June 14, Good Afternoon Broadband


  • NetCraft: Small and regional banks and credit unions more vulnerable to phishing attacks. Makes sense, after all the big guys are spending big bucks and trying to plug the holes at the very least.
  • Carlo Longino on the Sprint/Sirius deal: I have a hard time seeing subscribers shelling out to listen to such a one-way broadcast medium. It’s highly unlikely that the Sprint service will offer any of Sirius’ exclusive content — the PR says “select” Sirius programming, and only mentions music channels, so no Howard Stern or NFL.
  • Mark Evans asks and answers the question How much is Skype worth? If Vonage has an estimated valuation of $1 billion to $1.5-billion, my totally unscientific, back-of-the-napkin number-crunching suggests Skype is worth $250-million to $300-million.
  • MuniWireless says WiFiSalon, a NYC company is rolling out super speedy wifi networks in New York City parks. The first is at Battery Park, which you are seeing on the video, which has 7 APs fed with 46 mbps backhaul. The next, Central Park and eight other locations are to be completed in July. They are also doing VoIP.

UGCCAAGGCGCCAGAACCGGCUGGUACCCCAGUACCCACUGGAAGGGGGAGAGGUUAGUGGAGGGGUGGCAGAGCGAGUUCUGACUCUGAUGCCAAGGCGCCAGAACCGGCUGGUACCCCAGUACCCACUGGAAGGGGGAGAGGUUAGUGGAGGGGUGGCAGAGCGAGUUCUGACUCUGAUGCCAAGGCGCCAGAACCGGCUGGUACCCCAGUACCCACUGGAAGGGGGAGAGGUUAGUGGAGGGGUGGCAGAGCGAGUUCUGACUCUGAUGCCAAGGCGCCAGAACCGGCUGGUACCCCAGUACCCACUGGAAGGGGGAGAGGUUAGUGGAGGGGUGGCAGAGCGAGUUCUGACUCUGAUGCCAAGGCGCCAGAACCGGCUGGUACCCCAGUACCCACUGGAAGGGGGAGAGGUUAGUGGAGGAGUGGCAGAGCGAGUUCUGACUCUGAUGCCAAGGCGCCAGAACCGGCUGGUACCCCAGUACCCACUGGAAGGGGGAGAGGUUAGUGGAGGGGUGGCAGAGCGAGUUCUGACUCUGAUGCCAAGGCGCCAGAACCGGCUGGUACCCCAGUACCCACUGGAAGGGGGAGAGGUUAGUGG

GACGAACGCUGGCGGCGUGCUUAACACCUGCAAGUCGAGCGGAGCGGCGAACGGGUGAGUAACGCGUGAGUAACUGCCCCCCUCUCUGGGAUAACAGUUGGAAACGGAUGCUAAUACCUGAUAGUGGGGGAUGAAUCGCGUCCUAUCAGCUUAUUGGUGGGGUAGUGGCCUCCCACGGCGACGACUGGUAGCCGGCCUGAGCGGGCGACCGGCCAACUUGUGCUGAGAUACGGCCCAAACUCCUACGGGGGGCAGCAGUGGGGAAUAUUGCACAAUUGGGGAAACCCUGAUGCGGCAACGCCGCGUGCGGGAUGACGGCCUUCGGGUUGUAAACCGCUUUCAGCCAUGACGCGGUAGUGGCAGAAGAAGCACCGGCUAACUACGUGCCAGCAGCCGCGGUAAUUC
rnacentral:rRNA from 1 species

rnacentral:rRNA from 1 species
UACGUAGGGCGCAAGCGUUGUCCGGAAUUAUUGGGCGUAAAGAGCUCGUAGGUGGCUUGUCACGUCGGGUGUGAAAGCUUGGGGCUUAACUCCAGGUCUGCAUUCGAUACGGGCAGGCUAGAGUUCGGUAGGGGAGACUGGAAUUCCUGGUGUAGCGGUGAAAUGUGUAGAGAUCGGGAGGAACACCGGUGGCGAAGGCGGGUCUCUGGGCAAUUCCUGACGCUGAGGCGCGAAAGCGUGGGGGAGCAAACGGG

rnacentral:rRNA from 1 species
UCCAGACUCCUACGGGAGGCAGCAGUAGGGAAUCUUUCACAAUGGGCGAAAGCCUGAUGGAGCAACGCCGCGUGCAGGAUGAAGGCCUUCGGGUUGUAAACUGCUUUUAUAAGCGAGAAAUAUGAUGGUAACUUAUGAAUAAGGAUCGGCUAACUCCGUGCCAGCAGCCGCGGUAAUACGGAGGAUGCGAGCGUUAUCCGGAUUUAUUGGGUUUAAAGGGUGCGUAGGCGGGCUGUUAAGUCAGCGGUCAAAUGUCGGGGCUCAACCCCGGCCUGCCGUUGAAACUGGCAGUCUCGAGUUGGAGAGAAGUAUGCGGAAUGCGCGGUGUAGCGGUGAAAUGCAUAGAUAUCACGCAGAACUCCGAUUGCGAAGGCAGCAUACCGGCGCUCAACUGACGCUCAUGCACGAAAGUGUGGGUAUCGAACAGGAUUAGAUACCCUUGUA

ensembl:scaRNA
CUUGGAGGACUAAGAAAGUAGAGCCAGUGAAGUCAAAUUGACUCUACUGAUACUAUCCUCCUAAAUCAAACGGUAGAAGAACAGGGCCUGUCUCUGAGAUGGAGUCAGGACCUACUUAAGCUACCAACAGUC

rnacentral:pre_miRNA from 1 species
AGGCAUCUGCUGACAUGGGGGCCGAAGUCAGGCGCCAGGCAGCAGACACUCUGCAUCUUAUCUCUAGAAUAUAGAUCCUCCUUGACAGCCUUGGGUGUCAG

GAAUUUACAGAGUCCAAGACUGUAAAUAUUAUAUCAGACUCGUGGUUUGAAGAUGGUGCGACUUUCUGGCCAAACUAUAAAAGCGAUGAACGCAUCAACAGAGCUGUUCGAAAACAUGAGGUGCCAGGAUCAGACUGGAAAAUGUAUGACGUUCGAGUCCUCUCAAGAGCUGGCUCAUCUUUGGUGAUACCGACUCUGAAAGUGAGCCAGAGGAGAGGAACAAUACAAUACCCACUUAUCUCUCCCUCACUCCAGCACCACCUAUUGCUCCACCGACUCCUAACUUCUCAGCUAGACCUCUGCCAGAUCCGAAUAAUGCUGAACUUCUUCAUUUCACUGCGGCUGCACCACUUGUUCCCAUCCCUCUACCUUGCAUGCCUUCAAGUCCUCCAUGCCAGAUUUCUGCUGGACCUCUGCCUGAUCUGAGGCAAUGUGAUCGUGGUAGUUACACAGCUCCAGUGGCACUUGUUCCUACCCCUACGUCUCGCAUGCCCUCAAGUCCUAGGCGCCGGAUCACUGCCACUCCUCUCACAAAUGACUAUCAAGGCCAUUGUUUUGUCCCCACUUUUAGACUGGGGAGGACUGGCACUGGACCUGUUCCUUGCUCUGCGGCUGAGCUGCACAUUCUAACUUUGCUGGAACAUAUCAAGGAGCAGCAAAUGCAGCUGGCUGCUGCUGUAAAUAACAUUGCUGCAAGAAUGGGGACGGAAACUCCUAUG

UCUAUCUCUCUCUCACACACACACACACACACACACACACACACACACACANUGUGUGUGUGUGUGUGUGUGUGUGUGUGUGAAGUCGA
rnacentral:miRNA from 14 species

• Engadget says Sprint’s EVDO plans are for real. “It should be available in as many as 39 markets this month, and 60 by early 2006 (including the venerable Kansas City, Mo., Las Vegas, Nev., and Des Moines, Iowa). Their ultimate goal is 200 total markets serving data at between 300 to 500kbps (with burst speeds of 2.4mbps),” writes Ryan Block.
  • Broadband Reports says we might have 14 megabits per second on our handhelds. “According to Nokia, the arrival of HSDPA (high speed downlink packet access) – software to tweak 3G – should bring about speeds of 14Mbps on mobiles. Of course third generation solutions need to be deployed before you can tweak them.” Of the course, the chips to process the data firehose are nowhere near being ready.
  • AlterNet: Corporate vs. Community Internet
  • Verizon does cheap DSL. Almost. Andy says, ‘A few weeks back the CEO of Verizon criticized SBC’s move to lower DSL prices.’

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